Insulin pump therapy is the common name for the technique of continuous subcutaneous insulin infusion (CSII). Insulin pumps contain a chamber filled with insulin, connected to a small battery operated pump device which is controlled by a microprocessor (computer chip). The entire assembly is housed within a small case the size of a pager device (slightly larger than a pack of cigarettes). The user is able to control the amount of insulin released by the device which injects a tiny amount every minute into the subcutaneous tissue via a length of plastic tubing with a needle or soft cannula at the end.
The pump operates continuously, delivering insulin via the needle, 24 hours of the day.
The needle or cannula is inserted just under the skin of the abdomen. One needs to have the infusion set changed every two or three days.
Once inserted the cannula should not cause any pain.
At meal times, you simply programme the pump to deliver a ‘bolus dose’ of insulin to deal with the amount of food you have eaten. It is important to realise that the pump does not perform this automatically! You have to decide on the amount of insulin that should be given.
The pump may be worn in your clothing, placed under your pillow or on a bedside table. The length of tubing is usually adequate for the latter.
The pump should not be immersed. It may be disconnected from the tubing during a bath or worn in a special plastic bag while showering.
In general people with type 1 diabetes are suitable for pump therapy if they
Various manufacturers produce insulin pumps. Some of the products available include
Many of the new insulin pumps use rapid acting insulin analogues NovorapidR and HumalogR.
Funding on the NHS is currently not available for pump therapy. Diabetes UK has recently submitted a proposal to the Department of Health in June 2001, asking for insulin pump therapy to be appraised by the National Institute for Clinical Excellence (NICE). NICE is part of the NHS and undertakes appraisals of medical technologies. It produces guidance for both the NHS and patients on medicines, medical equipment and clinical procedures based on evidence of clinical and cost effectiveness.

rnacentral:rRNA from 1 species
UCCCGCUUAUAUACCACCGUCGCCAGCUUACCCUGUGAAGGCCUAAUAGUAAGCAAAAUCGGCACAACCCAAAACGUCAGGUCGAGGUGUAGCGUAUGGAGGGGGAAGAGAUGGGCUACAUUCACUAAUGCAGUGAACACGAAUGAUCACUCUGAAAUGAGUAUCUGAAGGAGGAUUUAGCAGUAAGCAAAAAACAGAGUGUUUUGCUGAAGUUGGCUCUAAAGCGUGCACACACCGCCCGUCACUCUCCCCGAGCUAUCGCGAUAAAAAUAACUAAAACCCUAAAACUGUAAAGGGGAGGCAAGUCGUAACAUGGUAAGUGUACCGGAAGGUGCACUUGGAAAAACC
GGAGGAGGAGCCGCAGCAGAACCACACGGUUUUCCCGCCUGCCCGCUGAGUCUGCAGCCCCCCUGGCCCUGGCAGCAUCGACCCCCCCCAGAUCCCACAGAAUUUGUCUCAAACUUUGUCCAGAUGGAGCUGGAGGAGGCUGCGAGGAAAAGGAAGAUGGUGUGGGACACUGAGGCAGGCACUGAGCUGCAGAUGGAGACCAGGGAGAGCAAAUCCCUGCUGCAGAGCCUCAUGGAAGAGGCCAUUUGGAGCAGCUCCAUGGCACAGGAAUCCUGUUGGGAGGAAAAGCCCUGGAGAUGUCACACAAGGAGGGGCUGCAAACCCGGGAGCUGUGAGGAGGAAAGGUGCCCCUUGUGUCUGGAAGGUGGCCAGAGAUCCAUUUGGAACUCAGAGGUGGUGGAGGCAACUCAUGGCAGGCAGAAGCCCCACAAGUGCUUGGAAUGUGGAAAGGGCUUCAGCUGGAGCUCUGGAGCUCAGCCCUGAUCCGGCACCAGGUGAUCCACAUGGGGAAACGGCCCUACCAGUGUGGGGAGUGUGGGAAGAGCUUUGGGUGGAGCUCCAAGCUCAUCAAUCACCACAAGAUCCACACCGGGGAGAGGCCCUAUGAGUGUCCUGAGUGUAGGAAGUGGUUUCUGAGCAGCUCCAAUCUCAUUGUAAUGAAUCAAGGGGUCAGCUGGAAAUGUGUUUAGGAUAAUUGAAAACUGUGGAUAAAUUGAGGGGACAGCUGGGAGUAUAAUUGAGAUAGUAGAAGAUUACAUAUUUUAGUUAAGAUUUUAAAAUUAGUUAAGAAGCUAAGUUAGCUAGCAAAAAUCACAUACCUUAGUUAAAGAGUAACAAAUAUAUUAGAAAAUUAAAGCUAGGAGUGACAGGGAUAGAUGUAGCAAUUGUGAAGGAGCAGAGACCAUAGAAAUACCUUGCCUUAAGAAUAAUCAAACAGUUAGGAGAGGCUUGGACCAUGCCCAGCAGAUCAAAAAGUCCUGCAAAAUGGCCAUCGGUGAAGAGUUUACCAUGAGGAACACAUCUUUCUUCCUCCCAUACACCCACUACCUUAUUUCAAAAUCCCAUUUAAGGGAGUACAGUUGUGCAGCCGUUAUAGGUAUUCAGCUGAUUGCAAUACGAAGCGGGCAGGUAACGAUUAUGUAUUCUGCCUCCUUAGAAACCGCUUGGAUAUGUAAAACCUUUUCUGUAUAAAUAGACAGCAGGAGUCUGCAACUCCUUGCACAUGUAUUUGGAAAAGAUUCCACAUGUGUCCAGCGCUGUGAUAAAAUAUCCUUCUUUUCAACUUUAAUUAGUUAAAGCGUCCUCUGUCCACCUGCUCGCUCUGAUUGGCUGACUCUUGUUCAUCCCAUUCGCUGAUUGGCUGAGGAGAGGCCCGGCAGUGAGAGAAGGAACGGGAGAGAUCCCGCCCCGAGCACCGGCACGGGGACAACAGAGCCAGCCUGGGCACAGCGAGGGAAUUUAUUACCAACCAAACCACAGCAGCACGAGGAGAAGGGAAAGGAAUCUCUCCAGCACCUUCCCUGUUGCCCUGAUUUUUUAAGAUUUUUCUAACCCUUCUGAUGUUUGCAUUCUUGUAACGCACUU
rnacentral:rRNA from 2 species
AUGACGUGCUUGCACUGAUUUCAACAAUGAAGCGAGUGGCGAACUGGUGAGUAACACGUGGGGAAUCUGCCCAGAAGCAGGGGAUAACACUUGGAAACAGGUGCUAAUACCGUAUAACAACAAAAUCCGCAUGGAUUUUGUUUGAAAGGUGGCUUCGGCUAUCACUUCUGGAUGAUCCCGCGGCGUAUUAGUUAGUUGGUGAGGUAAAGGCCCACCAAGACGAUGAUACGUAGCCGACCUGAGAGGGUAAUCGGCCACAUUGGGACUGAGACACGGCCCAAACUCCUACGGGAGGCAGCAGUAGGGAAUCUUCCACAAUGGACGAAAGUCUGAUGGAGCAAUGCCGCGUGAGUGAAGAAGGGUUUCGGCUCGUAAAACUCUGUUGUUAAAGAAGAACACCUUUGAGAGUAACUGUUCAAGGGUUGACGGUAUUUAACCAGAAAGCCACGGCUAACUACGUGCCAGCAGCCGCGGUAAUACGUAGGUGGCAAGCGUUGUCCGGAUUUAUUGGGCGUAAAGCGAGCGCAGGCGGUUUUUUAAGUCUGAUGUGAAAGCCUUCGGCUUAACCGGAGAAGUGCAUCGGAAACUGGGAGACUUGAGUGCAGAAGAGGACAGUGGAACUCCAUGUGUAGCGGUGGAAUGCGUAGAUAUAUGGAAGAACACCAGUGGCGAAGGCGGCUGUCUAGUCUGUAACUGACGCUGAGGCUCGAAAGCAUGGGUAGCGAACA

If used properly, may improve blood sugar control. Reduction in rates of hypoglycaemia demonstrated. Severe hypoglycaemia requiring outside assistance is estimated to be 20-33% less frequent in pump users. Improved well being and quality of life reported.
The pumps cost over £2,000 each; running costs are estimated at around £1,000 each year.
DiabetesUK estimates that approximately one fifth of one per cent of people with Type 1 diabetes in the UK use pumps (that is one I five hundred people with type 1 diabetes). The total numbers across the UK are likely to be under one thousand. This compares with about eight per cent in the United States, 12 per cent in Sweden, and 10 per cent in Germany1.
If you are keen to start on insulin pump therapy discuss this with your diabetes nurse specialist or when you visit the diabetes clinic. If you are suited for pump therapy you would need to undergo training in carbohydrate counting and pump use.
The National Support Group for Pump Users, INPUT, supporting insulin pump therapy, can provide more information about pump therapy and usage. INPUT is a patient led support group for diabetics using insulin pumps, run by pump users and their families.
The National Institute of Clinical Excellence (NICE) has recently published guidelines on pump therapy – website: www.nice.org.uk.
Dr Nishan Wijenaike, Consultant Physician
West Suffolk Diabetes Service